Contraception, also known as birth control practice is prevention of pregnancy by preventing conception and implantation. Numerous methods of contraception are in practice and include barrier or hormonal method, withdrawal, natural family planning, abstinence, and sterilization (surgery). Some of these methods are confined for women and others for men and some of the methods are reversible and some are permanent methods.
- Natural family planning method: Natural family planning (NFP) or fertility awareness does not require medication, physical devices, or surgery to prevent pregnancy. This method relies on the woman’s body physiology to know the time of ovulation. This method involves monitoring different body changes such as basal body temperature or cervical mucus variations. The woman then abstains from unprotected sex for approximately 7 to 10 days when she may have ovulated. This is often referred to as the Billings Method of Contraception.
- Barrier methods form a physical barrier to obstruct the sperm from entering a woman’s uterus. The most common barrier method is the male condom.
- Hormonal methods: In this method synthetic hormonal preparations containing oestrogen and progesterone will be taken orally (pills), implanted into body tissue (Implanon), injected under the skin (Depo-Provera), absorbed from a patch on the skin (skin patches), or placed in the vagina (NuvaRing). These methods work by preventing ovaries from releasing an egg for fertilisation. It also thickens the mucus around the cervix, making it difficult for sperm to penetrate and also thins the lining of the womb decreasing its ability to accept a fertilised egg. The intrauterine device (IUD) is a small device made of copper or impregnated with progesterone (Mirena IUD) that is inserted into the uterus. It works by thickening the mucus around the cervix and by thinning the womb’s lining, making it difficult to accept a fertilised egg.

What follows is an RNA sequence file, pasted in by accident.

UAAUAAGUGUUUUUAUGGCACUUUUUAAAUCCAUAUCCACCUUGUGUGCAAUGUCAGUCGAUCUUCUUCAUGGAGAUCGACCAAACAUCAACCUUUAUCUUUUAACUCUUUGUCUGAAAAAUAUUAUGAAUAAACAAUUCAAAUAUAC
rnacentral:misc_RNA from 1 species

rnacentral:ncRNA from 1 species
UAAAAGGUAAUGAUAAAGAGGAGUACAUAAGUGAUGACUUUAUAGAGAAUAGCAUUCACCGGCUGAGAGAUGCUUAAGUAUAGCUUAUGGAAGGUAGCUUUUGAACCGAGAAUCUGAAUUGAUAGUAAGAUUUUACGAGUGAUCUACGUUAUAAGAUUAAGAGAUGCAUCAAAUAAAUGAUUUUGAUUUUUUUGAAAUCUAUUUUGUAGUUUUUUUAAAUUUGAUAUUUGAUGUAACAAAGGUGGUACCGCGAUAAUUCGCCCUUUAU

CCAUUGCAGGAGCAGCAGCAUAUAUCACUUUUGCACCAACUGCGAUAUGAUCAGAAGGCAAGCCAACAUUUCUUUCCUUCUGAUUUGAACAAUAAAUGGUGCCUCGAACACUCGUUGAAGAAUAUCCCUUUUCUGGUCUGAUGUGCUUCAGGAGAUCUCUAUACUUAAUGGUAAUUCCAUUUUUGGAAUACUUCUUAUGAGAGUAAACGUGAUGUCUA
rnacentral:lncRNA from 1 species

- Tubal Ligation or Vasectomy: This method is a permanent solution and is meant for men and women who do not intend to have children in the future. Male sterilisation involves vasectomy, a surgical blocking of the vas deferens, the tubes through which sperm pass into the semen. Female sterilisation involves a tubal ligation, a surgical procedure that blocks the fallopian tubes which carry the eggs from the ovaries to the uterus.
The choice of a particular method of contraceptive also depends on individual’s age, health, frequency of sexual activity, number of sexual partners, future pregnancy, wishes to have children in the future, and certain medical conditions. Therefore always discuss with your doctor about the choice of birth control method.